Once you let go of your marble, gravity takes over and the remainder of the ride is an experience in energy transformation.
Read on for more instructions.
Please make sure you have workable headphones CONNECTED to your workstation. Get a vocabulary sheet from your teacher.
WHILE watching the following video, please pay attention to the way the information is presented. This should serve as a template for your presentation. See below for the template used to assess your presentation.
AFTER watching this video, you should have an understanding of the following:
- The "Law of Conservation of Energy"
- The definition of work and how it is calculated.
- The differences between Kinetic and Potential Energy.
- The definition of a "Closed System"
- What is "Gravitational Potential Energy" and what part does it play in the design of your Marble Run.
- The relationship between velocity, speed, and Kinetic Energy.
Funderstanding Help Page
How Roller Coasters Work
Amusement Park Physics
Work and Energy
Newton's Three Laws of Motion
�Centripetal Force Requirement�
It's A Wild Ride
The Effects of New Technology on Roller Coaster Thrills, Safety, and Economics
The New Roller Coasters: Thrills, Chills, and Few Spills
The Ultimate Roller Coaster Contest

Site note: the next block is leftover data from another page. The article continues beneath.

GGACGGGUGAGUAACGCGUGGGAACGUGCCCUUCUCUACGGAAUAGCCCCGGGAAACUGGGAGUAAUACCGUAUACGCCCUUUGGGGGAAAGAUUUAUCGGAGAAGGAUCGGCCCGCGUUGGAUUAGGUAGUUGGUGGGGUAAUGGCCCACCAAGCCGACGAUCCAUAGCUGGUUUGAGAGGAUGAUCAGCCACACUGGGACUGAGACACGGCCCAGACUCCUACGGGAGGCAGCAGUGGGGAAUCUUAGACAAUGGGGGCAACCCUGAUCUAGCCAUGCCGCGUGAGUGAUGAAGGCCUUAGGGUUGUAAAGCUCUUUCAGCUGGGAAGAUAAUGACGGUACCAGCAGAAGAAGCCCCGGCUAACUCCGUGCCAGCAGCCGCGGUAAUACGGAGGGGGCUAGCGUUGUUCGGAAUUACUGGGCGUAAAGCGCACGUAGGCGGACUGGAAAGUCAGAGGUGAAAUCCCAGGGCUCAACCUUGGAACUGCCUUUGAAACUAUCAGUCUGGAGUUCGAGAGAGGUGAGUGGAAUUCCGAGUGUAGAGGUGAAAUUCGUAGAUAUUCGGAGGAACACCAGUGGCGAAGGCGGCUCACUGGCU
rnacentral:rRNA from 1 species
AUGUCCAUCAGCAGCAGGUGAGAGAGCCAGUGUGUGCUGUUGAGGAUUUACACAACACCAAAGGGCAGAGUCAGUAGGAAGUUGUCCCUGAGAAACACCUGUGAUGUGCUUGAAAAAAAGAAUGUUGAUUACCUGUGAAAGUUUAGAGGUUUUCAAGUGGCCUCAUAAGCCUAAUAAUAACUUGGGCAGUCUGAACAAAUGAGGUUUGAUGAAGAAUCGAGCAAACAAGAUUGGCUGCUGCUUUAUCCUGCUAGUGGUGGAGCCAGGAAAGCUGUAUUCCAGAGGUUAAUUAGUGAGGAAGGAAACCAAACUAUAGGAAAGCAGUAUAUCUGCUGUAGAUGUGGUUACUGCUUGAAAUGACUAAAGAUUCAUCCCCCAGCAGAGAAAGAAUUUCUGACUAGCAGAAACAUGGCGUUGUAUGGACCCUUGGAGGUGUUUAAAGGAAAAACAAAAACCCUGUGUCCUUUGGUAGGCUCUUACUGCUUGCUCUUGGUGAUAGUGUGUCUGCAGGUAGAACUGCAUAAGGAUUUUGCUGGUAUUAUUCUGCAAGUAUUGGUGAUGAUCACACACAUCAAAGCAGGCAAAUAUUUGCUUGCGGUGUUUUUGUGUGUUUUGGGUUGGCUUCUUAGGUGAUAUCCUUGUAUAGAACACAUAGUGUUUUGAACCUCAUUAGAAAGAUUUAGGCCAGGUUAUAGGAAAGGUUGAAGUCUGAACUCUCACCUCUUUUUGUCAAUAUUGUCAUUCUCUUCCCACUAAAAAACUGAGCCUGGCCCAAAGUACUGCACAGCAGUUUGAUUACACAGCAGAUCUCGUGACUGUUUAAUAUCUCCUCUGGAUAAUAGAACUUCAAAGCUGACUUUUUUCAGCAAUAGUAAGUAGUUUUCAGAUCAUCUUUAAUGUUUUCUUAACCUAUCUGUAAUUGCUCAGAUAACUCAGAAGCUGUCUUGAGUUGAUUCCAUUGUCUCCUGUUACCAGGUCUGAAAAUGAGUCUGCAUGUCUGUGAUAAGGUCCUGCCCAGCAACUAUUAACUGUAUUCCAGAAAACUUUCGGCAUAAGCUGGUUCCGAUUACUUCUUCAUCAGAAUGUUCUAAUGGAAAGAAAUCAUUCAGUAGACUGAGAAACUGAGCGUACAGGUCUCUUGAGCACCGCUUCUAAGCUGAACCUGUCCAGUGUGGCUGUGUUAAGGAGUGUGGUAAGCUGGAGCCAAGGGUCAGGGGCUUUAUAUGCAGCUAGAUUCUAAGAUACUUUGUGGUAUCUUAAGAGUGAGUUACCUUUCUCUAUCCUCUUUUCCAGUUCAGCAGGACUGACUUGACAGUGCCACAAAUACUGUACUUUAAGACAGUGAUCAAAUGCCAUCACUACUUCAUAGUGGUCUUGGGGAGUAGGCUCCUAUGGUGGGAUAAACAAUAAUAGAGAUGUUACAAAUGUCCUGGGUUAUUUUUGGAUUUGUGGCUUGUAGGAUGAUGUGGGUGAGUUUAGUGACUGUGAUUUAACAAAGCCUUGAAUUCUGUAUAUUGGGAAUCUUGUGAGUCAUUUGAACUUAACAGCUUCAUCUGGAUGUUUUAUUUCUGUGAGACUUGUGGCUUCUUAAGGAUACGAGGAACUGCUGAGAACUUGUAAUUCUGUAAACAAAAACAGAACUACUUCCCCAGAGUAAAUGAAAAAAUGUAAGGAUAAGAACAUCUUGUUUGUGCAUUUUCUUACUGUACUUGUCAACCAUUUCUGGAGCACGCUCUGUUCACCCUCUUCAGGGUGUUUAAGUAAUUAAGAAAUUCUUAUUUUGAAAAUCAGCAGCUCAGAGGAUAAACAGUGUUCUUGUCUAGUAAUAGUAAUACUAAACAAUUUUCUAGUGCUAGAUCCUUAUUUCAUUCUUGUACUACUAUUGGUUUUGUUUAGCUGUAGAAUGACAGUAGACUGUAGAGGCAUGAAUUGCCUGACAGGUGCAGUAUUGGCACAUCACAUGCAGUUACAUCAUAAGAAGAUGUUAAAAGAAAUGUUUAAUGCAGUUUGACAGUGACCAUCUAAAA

Roller Coaster Database
Coaster Inversion Elements Simulation
History of Roller Coaster Innovations
Practice Coaster Design Using Simulation Tool
Roller Coaster Database
How Things Work
Visit this site to learn about the physics of rides at amusement parks, particularly roller coasters, free fall rides, bumper cars, and more. Click on the roller coaster, then scroll down and click on design a roller coaster to find out how physical laws affect ride design.
Kinetic and Potential Energy
At this site you can learn about kinetic and potential energy, the kinds of energy at work in roller coasters. Click on loops and turns to see what laws of motion are involved in these design features.
Visit this site to design a roller coaster by manipulating the height of the hills, sizes of the loops, speed of the coaster, and mass of the coaster on an interactive screen. This is a fun site, but it takes a while to load.
It is your mission to design the coaster so that you can achieve maximum thrills and chills without crashing or flying off the track (unless that’s how you like your coaster to work!).
If you accept this mission you must decide on a number of factors. You are responsible for setting the controls for the height of hill #1, hill #2, the size of the loop, the initial speed of the coaster, its mass, the gravity at work and the amount of friction on the track.
This tool offers a great way to play a roller coaster game, and learn while doing it. Hopefully you’ll enjoy this simulation and it will encourage you to think about how simulations can help you improve the way you learn.
Build a Coaster
Go to this Discovery.com site to build a roller coaster track. Click on the icons above and drop them into the box to create sections of the track. Then submit your design to see what a roller coaster designer thinks of your design. Be patient. This site takes time to load.